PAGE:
, JANUARY 17, 2007
  (STAR) By Alma Buelva - Web portal Yahoo sought to carve out a role for itself in last week’s Consumer Electronic Show (CES) as a major provider of content in a growing array of digital devices.

Yahoo finds to its advantage the way many non-PC products – from mobile phones and PDAs to television and even car systems – are also becoming conduits of digital content. Against this backdrop, the Sunnyvale, California-based company launched during the CES its version 2.0 of Yahoo Go for Mobile that delivers more Internet services, including an entirely new search service called oneSearch to mobile and IP devices.

The one-year-old Yahoo Go for Mobile lets users access an integrated suite of services, including Yahoo Mail, Yahoo Search, Yahoo Photos, Yahoo Calendar, and Yahoo Address book, among others, using their mobile phones. It is seamlessly synchronized to a Yahoo ID that can be accessed on a PC (or TV) as well.

There are at present around 500 million Yahoo users accessing their Yahoo accounts mostly from computers. By extending the company’s Yahoo Go vision and strategy, users will be able to connect to the Internet using the medium they really care about, says Marco Boerries, Yahoo senior vice president for Connected Life. That device is the mobile phone.

"For the first time, the Internet now fits on your phone. In the last 10 years, the industry tried to squeeze the Internet to the phone. Yahoo Go is the Internet in your pocket," adds Boerries.

Based on latest industry estimates, there are one billion PCs in the world and approximately two billion cellphones. The latter has reached unprecedented growth with 25 mobile phones created every second around the world today, compared to only four human live births per second.

Yahoo and mobile phone manufacturers say at least 50 percent of Internet users outside the United States or those in the developing markets may never use a PC and will access or have accessed the Internet for the first time using a mobile phone. Addressing the needs of this possible new segment of "mobile first" users is key to the Yahoo Go strategy.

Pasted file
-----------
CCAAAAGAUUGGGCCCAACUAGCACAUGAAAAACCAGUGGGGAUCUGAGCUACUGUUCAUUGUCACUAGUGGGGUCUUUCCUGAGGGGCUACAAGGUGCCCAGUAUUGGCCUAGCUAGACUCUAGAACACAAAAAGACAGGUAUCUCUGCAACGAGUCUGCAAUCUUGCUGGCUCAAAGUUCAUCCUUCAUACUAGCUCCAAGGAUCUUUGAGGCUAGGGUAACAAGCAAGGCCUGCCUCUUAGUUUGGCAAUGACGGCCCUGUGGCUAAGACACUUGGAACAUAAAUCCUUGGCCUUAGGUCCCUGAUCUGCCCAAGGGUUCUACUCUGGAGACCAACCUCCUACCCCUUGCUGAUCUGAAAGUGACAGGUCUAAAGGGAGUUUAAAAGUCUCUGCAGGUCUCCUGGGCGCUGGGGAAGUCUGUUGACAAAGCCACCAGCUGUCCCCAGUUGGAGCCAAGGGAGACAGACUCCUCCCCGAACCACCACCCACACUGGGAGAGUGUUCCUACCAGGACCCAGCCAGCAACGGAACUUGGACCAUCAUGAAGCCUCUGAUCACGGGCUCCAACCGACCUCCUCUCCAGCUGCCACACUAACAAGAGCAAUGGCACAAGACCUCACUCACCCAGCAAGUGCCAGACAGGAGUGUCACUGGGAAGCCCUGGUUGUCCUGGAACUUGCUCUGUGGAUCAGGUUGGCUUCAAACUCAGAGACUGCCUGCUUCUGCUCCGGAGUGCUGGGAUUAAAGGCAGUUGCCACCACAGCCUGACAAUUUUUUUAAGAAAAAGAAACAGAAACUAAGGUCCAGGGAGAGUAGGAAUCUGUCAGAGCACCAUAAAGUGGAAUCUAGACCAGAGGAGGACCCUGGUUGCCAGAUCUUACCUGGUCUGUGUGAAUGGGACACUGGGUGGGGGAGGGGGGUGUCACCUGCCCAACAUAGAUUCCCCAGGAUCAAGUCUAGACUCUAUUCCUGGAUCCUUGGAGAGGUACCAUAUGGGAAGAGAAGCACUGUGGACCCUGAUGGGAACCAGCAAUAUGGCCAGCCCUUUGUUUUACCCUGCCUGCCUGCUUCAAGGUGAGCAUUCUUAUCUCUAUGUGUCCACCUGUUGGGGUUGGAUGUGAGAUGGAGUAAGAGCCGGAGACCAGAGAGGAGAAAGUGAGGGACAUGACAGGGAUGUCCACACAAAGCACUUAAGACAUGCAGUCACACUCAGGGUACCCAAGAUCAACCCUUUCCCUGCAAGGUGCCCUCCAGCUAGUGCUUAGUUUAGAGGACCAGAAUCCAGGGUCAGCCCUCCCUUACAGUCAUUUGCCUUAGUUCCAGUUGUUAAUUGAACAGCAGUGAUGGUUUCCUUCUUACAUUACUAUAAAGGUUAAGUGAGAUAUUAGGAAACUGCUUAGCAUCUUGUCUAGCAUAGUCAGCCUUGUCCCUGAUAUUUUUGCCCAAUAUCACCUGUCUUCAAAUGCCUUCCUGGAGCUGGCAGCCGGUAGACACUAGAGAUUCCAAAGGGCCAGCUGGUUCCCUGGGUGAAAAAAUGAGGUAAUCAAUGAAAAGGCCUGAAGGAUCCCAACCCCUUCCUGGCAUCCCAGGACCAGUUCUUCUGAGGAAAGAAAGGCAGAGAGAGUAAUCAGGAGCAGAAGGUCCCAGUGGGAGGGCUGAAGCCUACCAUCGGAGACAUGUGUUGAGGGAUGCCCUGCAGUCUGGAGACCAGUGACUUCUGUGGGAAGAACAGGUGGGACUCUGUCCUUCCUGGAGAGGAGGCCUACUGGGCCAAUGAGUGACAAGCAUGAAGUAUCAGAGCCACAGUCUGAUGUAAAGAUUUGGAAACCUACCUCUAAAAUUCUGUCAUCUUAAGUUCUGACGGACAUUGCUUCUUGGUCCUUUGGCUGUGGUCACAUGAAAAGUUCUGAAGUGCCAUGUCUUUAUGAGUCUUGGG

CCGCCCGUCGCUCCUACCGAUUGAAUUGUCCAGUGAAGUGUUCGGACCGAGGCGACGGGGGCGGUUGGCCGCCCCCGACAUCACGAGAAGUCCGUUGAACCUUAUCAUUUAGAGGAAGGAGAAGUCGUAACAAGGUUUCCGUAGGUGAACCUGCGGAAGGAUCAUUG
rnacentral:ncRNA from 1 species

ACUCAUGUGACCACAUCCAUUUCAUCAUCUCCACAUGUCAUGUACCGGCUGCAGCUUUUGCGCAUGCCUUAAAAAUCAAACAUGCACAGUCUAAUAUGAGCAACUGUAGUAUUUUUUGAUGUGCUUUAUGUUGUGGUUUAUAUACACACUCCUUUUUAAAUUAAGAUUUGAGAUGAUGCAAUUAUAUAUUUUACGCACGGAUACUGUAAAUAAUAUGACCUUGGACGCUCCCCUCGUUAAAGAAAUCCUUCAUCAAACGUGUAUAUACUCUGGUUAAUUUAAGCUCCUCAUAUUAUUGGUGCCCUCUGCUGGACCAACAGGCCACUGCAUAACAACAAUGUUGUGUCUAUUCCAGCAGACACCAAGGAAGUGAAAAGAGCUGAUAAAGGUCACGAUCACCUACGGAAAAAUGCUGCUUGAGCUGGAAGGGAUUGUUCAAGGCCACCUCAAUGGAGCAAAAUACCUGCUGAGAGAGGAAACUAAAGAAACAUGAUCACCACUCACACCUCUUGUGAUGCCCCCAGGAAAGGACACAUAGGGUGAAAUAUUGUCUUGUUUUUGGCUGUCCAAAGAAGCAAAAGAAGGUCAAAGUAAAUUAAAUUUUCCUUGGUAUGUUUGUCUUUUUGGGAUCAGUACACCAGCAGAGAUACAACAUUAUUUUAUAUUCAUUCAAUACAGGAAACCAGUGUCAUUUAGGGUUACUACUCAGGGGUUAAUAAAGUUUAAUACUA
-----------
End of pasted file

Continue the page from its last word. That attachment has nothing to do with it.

"The global mobile phone-to-PC ratio is 12:1 but we’re seeing that it’s even more than that in Asia," says David Ko, vice president and general manager of Yahoo Connected Life in Asia. "In emerging markets, people connect to the Internet using their mobile phones so we are taking what we learned from the PC space and applying them now to the mobile world."

For the Internet to go airborne, Yahoo has forged unprecedented partnership with competing major mobile phone manufacturers Motorola, Nokia and Samsung.

Ed Zander, chairman and CEO of Motorola, and keynote speaker during the CES, describes the Internet on a mobile phone a "cool experience… that allows the Internet to follow you."

Yahoo’s mobile phone partners will preload Yahoo Go for Mobile on their newer devices. Consumers can also download the application to their compatible devices, says Ko, adding that they expect Yahoo Go for Mobile 2.0 to be available in 400 devices by the end of 2007.

Yahoo also has partnerships with over 80 mobile operators in 40 countries to distribute its mobile services to consumers. It has partnered with mobile service operators Globe Telecom and Smart.

"We have major partnerships for Connected Life in Asia where mobile devices are so pervasive. OEMs and operators see big value in partnering with us to drive data (revenue)," says Ko.

Yahoo’s Connected Life group includes the company’s mobile, co-branded broadband, digital home and PC client services, and Yahoo’s strategic partnerships with companies, including AT&T, BT, Cingular, Nokia and Motorola. This includes the Yahoo Go suite of services, too.

Chief News Editor: Sol Jose Vanzi

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